Background: Self-extubation is a common event in intensive care units (ICUs) world-wide. The most common factor attributed in various studies is lack of optimal sedation. However, the factors that lead to this inadequacy of sedation are not analyzed. Aims: The present study aimed to evaluate the determinants of factors leading to self-extubation in our ICU. Relation of patient profile, nature of sedation and any diurnal variation in extubation frequency was analyzed. Materials and Methods: Retrospective explorative analysis was carried out for patients admitted to ICU from January 2011 to January 2012. Information from medical records for the above parameters was extracted and descriptive statistics was used for assessing the outcomes. Results: In the present study, there was a higher incidence of self-extubation in ventilated ICU patients during the changeover periods of the ICU staff. There was no relation of frequency of self-extubation with the medications used for sedation once the sedation was titrated to a common endpoint. A higher incidence of self-extubation was seen in the surgical and younger age group of patients. Conclusions: It is recommended that the duty shift finishing time of ICU staff (medical and paramedical) staff should be staggered and should have minimal overlap to prevent self-extubation. A continuous reassessment of level of sedation of patients independent of the type sedative medication should be carried out.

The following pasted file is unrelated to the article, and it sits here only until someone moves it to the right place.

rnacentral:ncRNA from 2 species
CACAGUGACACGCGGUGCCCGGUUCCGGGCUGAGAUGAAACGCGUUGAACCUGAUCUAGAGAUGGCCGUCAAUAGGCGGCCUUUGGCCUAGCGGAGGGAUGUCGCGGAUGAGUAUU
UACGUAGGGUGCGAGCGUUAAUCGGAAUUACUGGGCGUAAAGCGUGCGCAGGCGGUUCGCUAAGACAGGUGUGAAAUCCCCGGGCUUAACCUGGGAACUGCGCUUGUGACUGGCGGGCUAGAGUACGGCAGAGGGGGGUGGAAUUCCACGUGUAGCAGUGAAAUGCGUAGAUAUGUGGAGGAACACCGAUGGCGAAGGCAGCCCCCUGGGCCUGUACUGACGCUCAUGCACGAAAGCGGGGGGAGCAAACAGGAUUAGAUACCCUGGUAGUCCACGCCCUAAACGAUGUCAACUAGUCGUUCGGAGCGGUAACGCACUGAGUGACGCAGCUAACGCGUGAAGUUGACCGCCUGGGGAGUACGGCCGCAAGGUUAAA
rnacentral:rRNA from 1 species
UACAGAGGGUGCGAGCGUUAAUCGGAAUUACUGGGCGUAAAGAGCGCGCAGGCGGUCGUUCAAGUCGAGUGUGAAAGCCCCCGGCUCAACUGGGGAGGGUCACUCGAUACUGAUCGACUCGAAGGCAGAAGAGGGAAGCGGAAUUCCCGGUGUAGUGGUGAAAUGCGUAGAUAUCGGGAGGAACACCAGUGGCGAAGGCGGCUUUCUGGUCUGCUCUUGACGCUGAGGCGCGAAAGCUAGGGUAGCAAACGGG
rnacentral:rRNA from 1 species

- Duty shifts intensive care unit staff
- sedation in intensive care unit
- self-extubation in intensive care unit